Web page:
Various treatment options, ranging from symptom relief using simple antihistaminics to more complicated insulin desensitization therapy, have been advocated for managing allergic reactions to insulin, explains the study.
While steroids can also significantly help with the allergic reaction, they create tremendous insulin resistance and make blood sugar management very difficult, so its not a realistic long-term solution.
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Burning Sensation After Injecting Insulin
Hello. I was wondering if anyone else has experienced a burning sensation after injecting their insulin? My dad and I both have this happen to us. It stings pretty bad, sometimes you can rub it out and others you can’t. We both primarily use our abdomen as injection sites, it seems to hurt less 🙂
do you keep your insulin in the fridge? i’ve only had a weird feeling when i kept my insulin in the fridge and would use it straight from the fridge only.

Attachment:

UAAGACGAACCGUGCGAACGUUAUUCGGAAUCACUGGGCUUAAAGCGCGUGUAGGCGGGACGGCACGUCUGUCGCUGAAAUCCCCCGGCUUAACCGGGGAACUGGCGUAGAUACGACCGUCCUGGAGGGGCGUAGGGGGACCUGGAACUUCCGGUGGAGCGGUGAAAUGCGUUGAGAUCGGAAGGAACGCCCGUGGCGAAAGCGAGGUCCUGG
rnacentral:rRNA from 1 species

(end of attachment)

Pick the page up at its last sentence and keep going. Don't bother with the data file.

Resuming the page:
Yes, I keep my insulin in the fridge but even if I leave it out for a while I still get the burning. It doesn’t happen everytime though. I had heard that before about using cold insulin, just wasn’t sure if it was true or not. I keep forgetting to ask my endo. Thank you for your reply. 🙂
When i was on shots i used to feel a burning sensation i would roll it in my palms to warm it up a bit that used to help. have you tried that?
You know, i had this issue too and when i went to my Endo. He just told me that some people have sensitive bodies. and when a foreign object is thrust into it, it makes you feel as though you have been hurt to alarm you that something isnt right…. hope that helps 🙂
no but I will give it a try, thanks. I just took my bedtime shot so I’ll try it in the morning. 🙂
I know the explaination dosen’t help take away the pain, but at least I now understand WHY it causes the “ow, ow, OW OW OW” while I am giving her her Lantus shot.
I take humalog and levemir by syringe.
I’lll let you know the results.
What Is Insulin And Why Do You Need It
First of all, lets make sure we all understand what insulin is and why it is a crucial part of what keeps you healthy and alive. Without any, you will die. Without enough, you will get very sick and eventually die.
Insulin is a peptide hormone produced by the beta cells of the pancreas. Its secreted when the GLUT2 transporter detects a change in the serum glucose level.